COLUMBUS, Ohio — Taking selfies is not merely an act of vanity, but a way to capture the deeper meaning of an event for individuals, according to new research. A team from The Ohio State University say the drive to take “third-person photos,” which document a moment with the person in the frame, comes from more complex emotions than simple vanity.
“We found that people have a natural intuition about which perspective to take to capture what they want out of the photo,” says lead author Zachary Niese, a PhD graduate of Ohio State and now a postdoctoral scholar at the University of Tübingen in Germany.
The findings are based on a series of six experiments with 2,113 participants, which investigated the impact of perspective in personal photography.
“These photos with you in them can document the bigger meaning of a moment. It doesn’t have to be vanity,” adds co-study author Professor Lisa Libby.
The results challenge the idea that individuals post selfies on platforms like Instagram solely for self-promotion. First-person photos, which capture the scene from the individual’s viewpoint, only represent the physical experience, according to the study.
In one online test, volunteers read a scenario in which they might want to take a photo, such as spending a day at the beach with a close friend. They had to rate the importance of the experience itself and the broader meaning of the event. The more significant the meaning, the more likely they would take a photo with themselves in it.
Another test demonstrated people’s intuition about whether each perspective better captured the experience or meaning of events. Researchers asked participants to examine recent photos they posted to their Instagram accounts and answer, “What does this photo make you think about more?”
If the person was featured in the shot, they were more likely to say the photo made them think of the bigger meaning of the moment. Photos showing the scene from their perspective made them think of the physical experience.
However, sometimes people may not take the photo that aligns with their goal, resulting in dissatisfaction with the image. In another challenge, participants were asked to rate their Instagram photos on a scale of one (not at all positive) to five (extremely positive).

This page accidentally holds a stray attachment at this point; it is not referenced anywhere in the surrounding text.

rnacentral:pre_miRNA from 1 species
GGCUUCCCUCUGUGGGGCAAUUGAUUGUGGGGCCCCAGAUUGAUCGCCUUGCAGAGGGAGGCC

“We found that people didn’t like their photo as much if there was a mismatch between the photo perspective and their goal in taking the photo,” Libby explains in a university release.
For instance, if their goal was to capture the meaning of the moment, they preferred the photo if it was a selfie. The study suggests that people have an intuition about the perspective they should use in photos to achieve their desired outcome. Niese hopes that the research will increase people’s understanding of how photo perspective affects their reactions to images, allowing them to consciously choose the perspective that meets their goal. The results also imply that people might be posting photos on Instagram and other platforms for reasons beyond their audience.
“This work suggests people also have very personal motives for taking photos. Even on social media, it appears that people are curating images for themselves to look back on to capture the experience or the meaning of the event,” Dr. Niese adds.
The findings, published in Social Psychological and Personality Science, backs a previous analysis of hundreds of college students in the United States. That study found those who scored low on a measure of narcissism tended to post just as many selfies as those who scored higher.
South West News Service writer Mark Waghorn contributed to this report.